5 reasons you’re unhappy at work


1) You’re sick and tired. It’s a fact that many people just can’t seem to accept: Human beings have human bodies, bodies which have basic needs. And if you don’t meet those needs, you’ll suffer your body’s wrath. Sufficient sleep, a healthy diet, and ample physical activity are must-haves, not nice-to-haves. If you want your brain to work well – including thinking clearly and generating positive emotions – you have to treat your whole body well. If you’re unhappy in any realm of your life, first make sure you have the basics in check.

2) You don’t make an effort to belong. Another messy human need that gets the shaft at the office: Friends! We need relationships. There is a reason why “I have a best friend at work” is one of the survey items most strongly related to engagement levels. They help us deal with stress, they make us feel like what we are doing matters, and they just make work fun. Sadly, though, these days we often neglect our work relationships. We may feel like we are having our social needs met sufficiently elsewhere, or fear that forming loyalties with colleagues will make it harder if we leave. But if you are miserable in your work, you may find you are really simply lonely.

3) You’ve forgotten your purpose. When we are young and first embark on our careers, people don’t ask us much about why we are choosing the path we are on. We are driven by a single purpose – to launch ourselves into adulthood! That is our purpose. To get a real-live adult job with an honest-to-God paycheck that allows us to live independently. But that impetus can only propel us along so far. As time goes on, we need to continually ask ourselves why we do what we do. Purpose isn’t a thing “out there” – each of us has to define it for ourselves. Work devoid of meaning quickly turns into drudgery.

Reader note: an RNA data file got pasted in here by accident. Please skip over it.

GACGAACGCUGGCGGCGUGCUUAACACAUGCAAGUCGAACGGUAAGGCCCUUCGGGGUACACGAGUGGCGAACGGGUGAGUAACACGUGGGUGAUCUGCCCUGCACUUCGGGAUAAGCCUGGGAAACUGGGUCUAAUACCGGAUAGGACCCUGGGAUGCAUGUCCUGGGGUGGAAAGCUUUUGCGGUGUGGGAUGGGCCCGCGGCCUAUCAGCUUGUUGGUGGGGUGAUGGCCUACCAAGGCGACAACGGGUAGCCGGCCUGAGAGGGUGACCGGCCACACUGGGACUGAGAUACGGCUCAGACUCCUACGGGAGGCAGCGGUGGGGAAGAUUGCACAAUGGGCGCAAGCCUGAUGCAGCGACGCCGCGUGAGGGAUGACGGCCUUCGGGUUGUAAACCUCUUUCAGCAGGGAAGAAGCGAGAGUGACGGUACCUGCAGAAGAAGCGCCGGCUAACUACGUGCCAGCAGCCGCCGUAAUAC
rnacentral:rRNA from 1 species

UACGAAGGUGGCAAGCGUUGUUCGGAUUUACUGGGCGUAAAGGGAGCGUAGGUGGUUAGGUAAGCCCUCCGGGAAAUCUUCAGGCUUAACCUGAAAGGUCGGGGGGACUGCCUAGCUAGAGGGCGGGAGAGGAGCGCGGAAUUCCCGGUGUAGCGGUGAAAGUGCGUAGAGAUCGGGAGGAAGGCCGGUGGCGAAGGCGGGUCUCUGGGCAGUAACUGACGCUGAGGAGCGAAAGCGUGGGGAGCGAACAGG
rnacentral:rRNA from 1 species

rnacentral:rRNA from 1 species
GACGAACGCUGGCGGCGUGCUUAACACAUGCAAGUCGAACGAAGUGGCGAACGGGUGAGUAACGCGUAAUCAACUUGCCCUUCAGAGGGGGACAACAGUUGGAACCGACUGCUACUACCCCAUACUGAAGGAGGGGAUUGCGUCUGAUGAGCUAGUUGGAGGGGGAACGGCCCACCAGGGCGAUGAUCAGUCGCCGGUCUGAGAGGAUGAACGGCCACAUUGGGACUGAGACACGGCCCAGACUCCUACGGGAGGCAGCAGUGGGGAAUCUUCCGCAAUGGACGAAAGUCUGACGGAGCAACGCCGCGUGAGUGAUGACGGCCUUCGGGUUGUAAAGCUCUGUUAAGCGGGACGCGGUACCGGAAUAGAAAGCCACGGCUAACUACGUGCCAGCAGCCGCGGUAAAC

4) You can’t say no. One nice thing about having a clear purpose is that it makes it easier to set and defend priorities. If you don’t know what you’re about, you can end up dithering around, getting sucked into this and that. So you do too much and you do the wrong things and you feel resentful. You waste your energy, constantly feel overwhelmed, and ultimately end up being stretched so thinly that you aren’t doing good work and feel frustrated and taken advantage of. Which leads me to the last point.

5) You feel helpless. Maybe you feel like an insignificant cog in a vast and unfeeling bureaucratic machine. Maybe your boss doesn’t listen to you. Maybe you feel trapped by the contents of your resume and family or financial demands. You feel stuck. It’s hard to feel energized about work when you don’t feel like you choose to be there of your own free will. But hello! You are choosing to be there! So many of us abdicate our own personal power in the workplace. But it is a lie that we are helpless. We always have a choice. And sometimes hard choices spark creativity. Sometimes unexpected voices are what every organizations need to hear, to prosper. So don’t throw away control – act like you own the place.

No matter what job type or level in an organization,  you have the power to choose to be happy and engaged at work or not. Not that it’s easy. The problem is that collectively we have failed to prioritize the things that make for happy humans. We have even inadvertently engineered workplaces to squeeze out both humanity and happiness. Thankfully, the tide appears to be turning. We are beginning to realize that we can be highly – no, wildly! – successful and simultaneously happy in our work. We have to make choices as individuals, and as individual leaders, to promote well-being, not as a perk but as a strategy.


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